Grappling with the cost of healthcare while managing a rare disease

Even while fighting for my life, I was stressed about paying bills

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by Shalana Jordan |

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Several years ago, terms like “deductible,” “in and out of network,” “PPO,” “Medicaid,” “Medicare,” “Medigap,” “SNAP,” “prescription coverage,” and “disability” were thrust upon me suddenly and without warning. I had to learn them quickly to continue receiving lifesaving care.

I was sitting in a hospital bed, clinging to life with no answers in sight. My organs were failing, my blood was being destroyed faster than my body could produce it, and I was getting weaker with each passing hour. I didn’t know if I was going to make it out alive and see my babies again.

In September 2020, my life was forever changed by a rare disease called atypical hemolytic uremic syndrome (aHUS). I’d felt unwell for months and assumed I’d been working too much. But I rapidly declined during a vacation, and by the time I returned to work I could barely function. When I went to the hospital, I assumed I had COVID-19 and would receive a doctor’s note to rest at home.

I was very wrong.

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The costs of a hospitalization

I hadn’t sought medical care sooner because I didn’t have health insurance. Here in the U.S., government-provided healthcare is not a standard part of our infrastructure. There’s subsidized assistance called Medicaid, which some people qualify for. But in my state, approval was based on income and whether you had children in the home. As a single parent making $12 an hour, I was above the income threshold and didn’t qualify. This meant I couldn’t visit a doctor without paying $200 or more upfront, in addition to other possible charges. I couldn’t afford it.

So I didn’t seek medical care until it was an emergency. Plus, I had two young children, a job, a car, and a home to take care of. I didn’t have time for the hospital!

But when I arrived, my medical team was shocked that I’d been able to drive myself there and deal with my young children. It turned out I needed emergency lifesaving interventions and had to be admitted to the intensive care unit.

I received dialysis, plasmapheresis, and blood transfusions daily, along with countless tests, exams, blood draws, and interviews. My bill climbed higher with each minute.

Time moved slowly in the ICU. Hours turned into days, which turned into weeks. As time passed, I became increasingly anxious. Not only was I literally dying, but financial demands were looming over my head. I’d been living paycheck to paycheck and had recently purchased my first home, which meant all of my savings had gone toward the purchase and remodel.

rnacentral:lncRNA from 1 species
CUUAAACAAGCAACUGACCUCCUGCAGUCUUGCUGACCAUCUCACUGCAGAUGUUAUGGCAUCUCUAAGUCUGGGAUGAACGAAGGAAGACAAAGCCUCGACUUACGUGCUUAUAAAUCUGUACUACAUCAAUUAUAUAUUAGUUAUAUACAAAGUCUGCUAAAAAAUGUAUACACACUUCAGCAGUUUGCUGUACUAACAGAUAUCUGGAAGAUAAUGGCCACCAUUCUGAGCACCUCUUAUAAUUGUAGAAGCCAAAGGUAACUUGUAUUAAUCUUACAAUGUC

Missing weeks of work meant I had no income. Yet I had a mortgage, power bill, internet bill, and car insurance to pay no matter what. Plus, my two little boys needed food and other essentials while staying with their grandparents, who were on a fixed income.

To make matters worse, every few days a hospital social worker would stop by my room to discuss costs. It was awful lying in a bed slowly dying, but still having someone interrogating me about how I was going to pay for everything. It added an extra layer of stress. Trying to navigate the healthcare system from a hospital bed between tests and treatments was a huge endeavor.

My doctors saw my frustration and concern every time I asked when could I go home and return to work. But for the first four weeks that I was in the ICU, we didn’t even have a diagnosis.

In the U.S., patients on dialysis automatically qualify for Medicare, the federal health insurance program. But Medicare covered only 80% of my healthcare costs.

Luckily, one of my doctors was on the board for my state’s Medicaid program. She took it upon herself to spearhead getting me approved for Medicaid, which took care of my coverage gap — a huge weight off my shoulders.

Still, I ended up spending nearly seven weeks in the hospital, and my final bill was over $1.4 million.

Now my life is consumed with chemotherapy, doctor appointments, lab work, weight checks, vitamin panels, prescriptions, and long phone calls to handle insurance issues. Fortunately, when I moved to a different state a year ago, I was approved for disability insurance. I’d lost Medicare when I went off dialysis in 2021, but now I qualify again because I’m classified as disabled.

However, I don’t currently qualify for Medicaid, so I’m still receiving bills for thousands of dollars for the 20% that Medicare doesn’t cover. With the recent hike in chemotherapy costs, that leaves me receiving a bill for over $16,000 every two weeks! I’m not able to pay it, which is another stressor looming over my head.

I hope that Medicaid qualifications will change to include people like me. Until then, I’ll continue calling assistance programs to get whatever help I can. Thankfully, several offer help covering chemotherapy expenses. But there are many other costs incurred when living with a rare illness.

Note: aHUS News is strictly a news and information website about the disease. It does not provide medical advice, diagnosis, or treatment. This content is not intended to be a substitute for professional medical advice, diagnosis, or treatment. Always seek the advice of your physician or other qualified health provider with any questions you may have regarding a medical condition. Never disregard professional medical advice or delay in seeking it because of something you have read on this website. The opinions expressed in this column are not those of aHUS News or its parent company, Bionews, and are intended to spark discussion about issues pertaining to aHUS.


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